Beyond Accession in Central and Eastern Europe
Edited by Agnes Batory, Andrew Cartwright and Diane Stone
Chapter 4: Translating domestic violence norms in five countries of Central Eastern Europe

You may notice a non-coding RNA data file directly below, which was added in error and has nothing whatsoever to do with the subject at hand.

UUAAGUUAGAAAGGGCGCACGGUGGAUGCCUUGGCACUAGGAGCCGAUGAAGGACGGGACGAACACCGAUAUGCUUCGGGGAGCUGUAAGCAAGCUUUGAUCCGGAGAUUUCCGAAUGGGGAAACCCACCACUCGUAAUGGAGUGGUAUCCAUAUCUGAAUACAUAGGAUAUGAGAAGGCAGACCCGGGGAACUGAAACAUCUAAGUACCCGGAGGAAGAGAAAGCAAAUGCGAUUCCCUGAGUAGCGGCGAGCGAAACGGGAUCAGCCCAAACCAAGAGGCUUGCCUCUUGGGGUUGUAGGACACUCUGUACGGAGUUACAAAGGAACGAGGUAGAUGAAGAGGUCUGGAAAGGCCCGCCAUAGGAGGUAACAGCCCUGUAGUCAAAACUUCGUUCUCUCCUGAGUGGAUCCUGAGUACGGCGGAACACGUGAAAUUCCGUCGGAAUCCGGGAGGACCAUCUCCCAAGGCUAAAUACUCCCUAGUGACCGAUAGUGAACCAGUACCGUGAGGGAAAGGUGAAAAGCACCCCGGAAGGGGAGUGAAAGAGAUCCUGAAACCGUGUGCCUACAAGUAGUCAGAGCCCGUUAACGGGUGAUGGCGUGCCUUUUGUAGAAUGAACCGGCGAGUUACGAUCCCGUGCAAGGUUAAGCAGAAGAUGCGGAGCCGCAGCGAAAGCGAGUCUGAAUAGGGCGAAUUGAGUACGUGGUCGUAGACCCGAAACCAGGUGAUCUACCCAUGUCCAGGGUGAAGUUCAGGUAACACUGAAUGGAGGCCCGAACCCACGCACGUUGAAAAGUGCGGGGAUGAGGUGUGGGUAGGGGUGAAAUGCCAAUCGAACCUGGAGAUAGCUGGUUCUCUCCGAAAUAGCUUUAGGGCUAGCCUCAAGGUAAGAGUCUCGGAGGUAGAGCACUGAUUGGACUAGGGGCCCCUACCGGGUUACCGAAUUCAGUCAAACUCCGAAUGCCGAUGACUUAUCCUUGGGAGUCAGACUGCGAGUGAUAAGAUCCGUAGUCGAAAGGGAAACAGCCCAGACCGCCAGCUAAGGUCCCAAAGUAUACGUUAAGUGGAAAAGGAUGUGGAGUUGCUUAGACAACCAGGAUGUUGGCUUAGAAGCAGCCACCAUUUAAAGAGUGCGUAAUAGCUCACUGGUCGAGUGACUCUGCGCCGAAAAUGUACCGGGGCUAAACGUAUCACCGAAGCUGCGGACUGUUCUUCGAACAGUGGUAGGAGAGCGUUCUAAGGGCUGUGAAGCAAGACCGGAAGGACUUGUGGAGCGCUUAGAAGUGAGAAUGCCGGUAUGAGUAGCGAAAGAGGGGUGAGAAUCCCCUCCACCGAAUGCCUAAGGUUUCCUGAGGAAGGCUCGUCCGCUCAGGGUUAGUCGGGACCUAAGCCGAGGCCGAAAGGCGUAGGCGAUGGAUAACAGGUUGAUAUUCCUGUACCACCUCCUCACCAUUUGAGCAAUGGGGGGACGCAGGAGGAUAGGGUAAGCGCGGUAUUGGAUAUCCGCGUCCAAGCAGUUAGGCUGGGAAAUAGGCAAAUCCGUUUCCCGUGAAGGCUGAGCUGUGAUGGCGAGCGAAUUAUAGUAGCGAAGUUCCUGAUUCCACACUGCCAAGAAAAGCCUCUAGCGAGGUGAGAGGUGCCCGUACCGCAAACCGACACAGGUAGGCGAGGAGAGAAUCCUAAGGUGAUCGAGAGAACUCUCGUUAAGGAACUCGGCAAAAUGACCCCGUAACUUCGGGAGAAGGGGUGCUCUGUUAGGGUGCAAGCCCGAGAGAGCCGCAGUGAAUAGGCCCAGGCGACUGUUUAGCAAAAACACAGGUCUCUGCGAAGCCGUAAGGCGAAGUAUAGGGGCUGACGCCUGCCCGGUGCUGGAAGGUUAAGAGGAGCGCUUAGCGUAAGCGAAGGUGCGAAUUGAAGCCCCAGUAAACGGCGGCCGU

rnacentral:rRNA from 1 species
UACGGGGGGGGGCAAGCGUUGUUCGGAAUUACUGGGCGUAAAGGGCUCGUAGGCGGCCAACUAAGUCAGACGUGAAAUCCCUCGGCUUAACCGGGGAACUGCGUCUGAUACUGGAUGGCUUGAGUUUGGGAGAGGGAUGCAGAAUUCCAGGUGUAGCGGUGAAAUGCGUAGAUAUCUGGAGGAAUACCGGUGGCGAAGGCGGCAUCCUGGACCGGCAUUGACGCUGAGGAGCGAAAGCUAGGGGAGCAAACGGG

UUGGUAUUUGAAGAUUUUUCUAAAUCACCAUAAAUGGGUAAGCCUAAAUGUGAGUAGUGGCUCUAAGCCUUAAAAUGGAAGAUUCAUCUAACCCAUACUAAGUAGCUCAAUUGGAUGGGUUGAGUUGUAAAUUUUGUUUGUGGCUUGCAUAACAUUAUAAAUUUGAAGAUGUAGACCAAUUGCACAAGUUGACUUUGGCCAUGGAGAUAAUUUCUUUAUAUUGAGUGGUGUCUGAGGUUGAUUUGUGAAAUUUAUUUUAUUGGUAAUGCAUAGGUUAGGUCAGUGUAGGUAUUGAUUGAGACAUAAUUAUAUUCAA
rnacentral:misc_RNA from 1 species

This chapter looks at norms translation processes in the field of domestic violence. Using data from five countries of Central Eastern Europe (CEE)—Bulgaria, Croatia, Hungary, Poland and Romania—it proposes a multi-pronged cross-directional international influence model that challenges traditional top-down understandings of international influence. The author argues that international influence is not direct, linear and top-down but constructed and negotiated in processes of interaction between international actors and domestic agents, where translation processes influence the direction of policy change. International influence provides content to reforms through defining, communicating and monitoring norms, and through facilitating the production of evidence for domestic violence as a policy problem. In order to understand the nature of international influence, we have to look beyond norms transfer at two additional mechanisms through which it impacts domestic policy processes. First, international influence can create ‘political opportunities’ to enable domestic mobilization for policy change. Second, domestic agents are key in the translation of international norms. Enabling such agency becomes critical in processes of norms translation. The chapter shows how international influence understood along these lines contributes to the variation in policy progress achieved in different contexts.
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